More Cowbell? Let the crowd decide!

Unless you’re Bruce Dickenson producing the Blue Oyster Cult, creating the perfect mix when recording music isn’t always as easy as “more cowbell“. Recently, the concept of crowdsourcing has been powering some interesting developments in how music is mixed, produced, and shared in the social sphere.

In 2008, Nine Inch Nails shared their album The Slip under a Creative Commons license. The band invited fans to remix the tracks of the album and share them at the band’s remix site. The concept has since been picked up by other bands and by communities such as ccMixter, a music remixing site featuring remixes and samples licensed under Creative Commons licenses.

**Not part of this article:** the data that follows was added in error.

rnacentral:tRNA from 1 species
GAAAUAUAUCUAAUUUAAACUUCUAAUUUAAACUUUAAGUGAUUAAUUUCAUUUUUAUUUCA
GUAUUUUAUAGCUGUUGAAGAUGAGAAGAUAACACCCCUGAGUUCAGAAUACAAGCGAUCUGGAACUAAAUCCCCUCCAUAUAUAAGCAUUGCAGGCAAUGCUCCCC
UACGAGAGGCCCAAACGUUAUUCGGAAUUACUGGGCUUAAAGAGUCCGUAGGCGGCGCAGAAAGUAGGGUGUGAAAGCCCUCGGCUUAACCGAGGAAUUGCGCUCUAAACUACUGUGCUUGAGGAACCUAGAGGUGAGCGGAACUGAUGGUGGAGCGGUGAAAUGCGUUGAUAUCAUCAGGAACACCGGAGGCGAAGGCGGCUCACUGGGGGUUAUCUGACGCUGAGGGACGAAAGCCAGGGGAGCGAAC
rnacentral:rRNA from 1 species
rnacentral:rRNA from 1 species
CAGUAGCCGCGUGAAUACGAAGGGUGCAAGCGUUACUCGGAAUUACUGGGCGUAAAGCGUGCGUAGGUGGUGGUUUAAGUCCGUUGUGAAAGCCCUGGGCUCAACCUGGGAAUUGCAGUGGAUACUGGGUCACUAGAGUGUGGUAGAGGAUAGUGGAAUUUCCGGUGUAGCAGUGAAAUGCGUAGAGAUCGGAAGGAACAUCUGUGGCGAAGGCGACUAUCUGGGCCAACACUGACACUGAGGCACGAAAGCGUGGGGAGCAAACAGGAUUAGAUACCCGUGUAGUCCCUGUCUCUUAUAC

Earlier this month, another music community site called Indaba Music and partnered to lay down the first of what will be many tracks of a crowdsourced music project. The experimental project gives readers the opportunity to add to the work-in-progress using Indaba’s digital-audio-workstation platform, Mantis. After a few weeks, the resultant track will be presented on the blog and they’ll likely open a contest for best remix of the posted audio.

It’s not clear how the project will be moderated. One has to wonder how the track will avoid turning into an aural traffic jam… but maybe we’ll be pleasantly surprised. seems hopeful. Considering the possibility of success, they write that “if this works, our biggest problem will be how to fit everyone in the van when we go on tour”.

Read More:
Help Crowdsource This Song
Can Creativity Be Crowdsourced? From Advertising Age
Was this video crowdsourced? Not really. But it’s pretty cool.

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